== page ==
If you are going to put your life’s savings into mutual funds (most of middle America does), you need to know what’s under the hood.
Invest ten minutes reading this article and you will know more about mutual funds than most of the people selling them.
In the next few minutes we will explore a minute core of the history and evolution of mutual funds, then focus on the fundamentals that are most important to the average investor.
The origin of the mutual fund can be traced back to 17th and 18th century Europe, where the concept of pooling assets was popularized by the Dutch as a means to raise capital for merchant ventures. It provided diversification for investors, and opportunities for smaller investors to participate in ventures. By the mid-nineteenth century, closed end funds had spread to Great Britain and France, taking root in the US in the 1890s.
Prior to 1929, there was no regulation of the securities industry. Companies needing capital issued stock. Brokers sold the stock to investors, often making wild claims and unsubstantiated promises of big profits. Investment companies packaged the stocks from many companies and sold them as mutual funds, often borrowing money from banks (leverage) to purchase more shares than cash raised from investors would allow.
By 1929 there were nineteen open end funds competing with nearly 700 closed end funds. Many of the highly leveraged CEFs were wiped out in the crash of 1929. Open end funds generally offered semiannual share issuance and redemption opportunities and therefore were not highly leveraged as closed end funds were. This also created better liquidity for investors and infusions of cash to keep the funds afloat. This is the form that the retail mutual funds of today operate under.
The stock market crash of 1929 spurred sweeping legislative reform of the securities industry over the next eleven years. Major legislation included;
- The creation of the Securities and Exchange Commission (SEC)
- Securities Act of 1933
- Securities Exchange Act of 1934
- Investment Company Act of 1940
- Investment Advisors Act of 1940
By 1954, the financial markets had recovered from the crash of 1929. Mutual funds continued to gain popularity. However, it was the creation of the 401k, conceived in 1980 by Ted Benna, then an employee of the Johnson Companies, and now president of the 401k Association, that really set the stage for today’s massive expansion of mutual funds as a “trusted” investment vehicle in the American consumer’s collective consciousness.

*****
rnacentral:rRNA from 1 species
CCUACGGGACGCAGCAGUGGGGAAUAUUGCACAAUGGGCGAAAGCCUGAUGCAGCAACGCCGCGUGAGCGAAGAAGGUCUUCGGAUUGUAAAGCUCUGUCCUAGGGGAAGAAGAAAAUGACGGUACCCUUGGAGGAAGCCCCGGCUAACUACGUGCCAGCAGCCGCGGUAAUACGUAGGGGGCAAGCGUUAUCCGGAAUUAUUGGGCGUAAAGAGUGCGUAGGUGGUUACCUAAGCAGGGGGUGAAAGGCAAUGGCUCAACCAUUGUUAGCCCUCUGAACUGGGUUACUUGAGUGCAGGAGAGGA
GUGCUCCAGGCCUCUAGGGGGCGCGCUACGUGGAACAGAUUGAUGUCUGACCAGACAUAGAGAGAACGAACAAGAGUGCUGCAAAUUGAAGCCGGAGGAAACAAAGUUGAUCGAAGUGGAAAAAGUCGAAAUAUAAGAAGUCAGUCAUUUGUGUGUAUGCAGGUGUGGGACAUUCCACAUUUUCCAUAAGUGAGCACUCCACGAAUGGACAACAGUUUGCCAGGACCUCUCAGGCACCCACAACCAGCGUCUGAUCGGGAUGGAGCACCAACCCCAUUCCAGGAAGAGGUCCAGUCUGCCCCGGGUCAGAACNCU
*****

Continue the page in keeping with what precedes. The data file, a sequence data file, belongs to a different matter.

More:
In the 1970’s, 80’s, and 90’s, corporate America was facing a huge and growing commitment to pension plans that were crippling profitability. People were living longer and drawing pensions for 30 years or more. At the same time top level managers were trying to figure a way to sock away more compensation for themselves. Enter Ted and his great idea. Rule 401k of the existing IRS tax code gave big companies a tax break for offering a savings plan for employees, but very few took advantage of it. Benna suggested, “why don’t we offer a matching contribution?” The rest is history.
Corporate plan sponsors were anxious to get out from under the cost and fiduciary obligation for their retirement plans, creating a huge opportunity for bundled investment and plan solutions. Investment companies quickly stepped up to the plate with mutual funds. This coincided with the bull markets of the 80’s and 90’s so the investment companies also found a ready market for 529 college savings plans as bull market inflation caused college tuition and other related costs to soar.
According to Jack Bogle, CEO of the Vanguard Group, “around 7 percent of mutual funds “died” each year between 2001 and 2012. That’s up from about 1 percent per year during the 1960s. Assuming (as I do) that such a failure rate will persist over the coming decade, some 2,500 of today’s 4,600 equity funds will no longer exist.” You would think that at that rate mutual funds would disappear from the market. However, new funds come on the scene faster than they are dying. Despite the 2003 mutual fund scandals, the global financial crisis of 2008-2009, and ongoing revenue sharing practices, the story of the mutual fund is far from over. As of this writing, there are about 10,000 mutual funds on the market, including the equity funds Jack spoke of.